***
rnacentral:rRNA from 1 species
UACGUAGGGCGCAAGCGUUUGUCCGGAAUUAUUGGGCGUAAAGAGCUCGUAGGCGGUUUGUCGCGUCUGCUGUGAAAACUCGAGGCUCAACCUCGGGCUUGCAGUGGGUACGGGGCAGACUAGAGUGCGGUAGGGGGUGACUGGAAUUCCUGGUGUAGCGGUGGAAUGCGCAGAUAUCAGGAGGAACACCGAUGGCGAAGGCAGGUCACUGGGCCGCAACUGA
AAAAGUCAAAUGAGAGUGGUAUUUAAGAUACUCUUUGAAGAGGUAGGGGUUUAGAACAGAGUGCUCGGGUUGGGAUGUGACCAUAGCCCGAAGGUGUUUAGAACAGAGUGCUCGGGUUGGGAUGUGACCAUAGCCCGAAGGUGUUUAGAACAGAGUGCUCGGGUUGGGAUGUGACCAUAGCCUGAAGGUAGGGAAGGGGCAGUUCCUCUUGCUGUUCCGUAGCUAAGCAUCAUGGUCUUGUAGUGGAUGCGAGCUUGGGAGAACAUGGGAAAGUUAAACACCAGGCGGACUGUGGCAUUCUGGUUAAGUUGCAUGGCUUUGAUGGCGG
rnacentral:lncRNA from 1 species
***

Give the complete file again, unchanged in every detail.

rnacentral:rRNA from 1 species
UACGUAGGGCGCAAGCGUUUGUCCGGAAUUAUUGGGCGUAAAGAGCUCGUAGGCGGUUUGUCGCGUCUGCUGUGAAAACUCGAGGCUCAACCUCGGGCUUGCAGUGGGUACGGGGCAGACUAGAGUGCGGUAGGGGGUGACUGGAAUUCCUGGUGUAGCGGUGGAAUGCGCAGAUAUCAGGAGGAACACCGAUGGCGAAGGCAGGUCACUGGGCCGCAACUGA
AAAAGUCAAAUGAGAGUGGUAUUUAAGAUACUCUUUGAAGAGGUAGGGGUUUAGAACAGAGUGCUCGGGUUGGGAUGUGACCAUAGCCCGAAGGUGUUUAGAACAGAGUGCUCGGGUUGGGAUGUGACCAUAGCCCGAAGGUGUUUAGAACAGAGUGCUCGGGUUGGGAUGUGACCAUAGCCUGAAGGUAGGGAAGGGGCAGUUCCUCUUGCUGUUCCGUAGCUAAGCAUCAUGGUCUUGUAGUGGAUGCGAGCUUGGGAGAACAUGGGAAAGUUAAACACCAGGCGGACUGUGGCAUUCUGGUUAAGUUGCAUGGCUUUGAUGGCGG
rnacentral:lncRNA from 1 species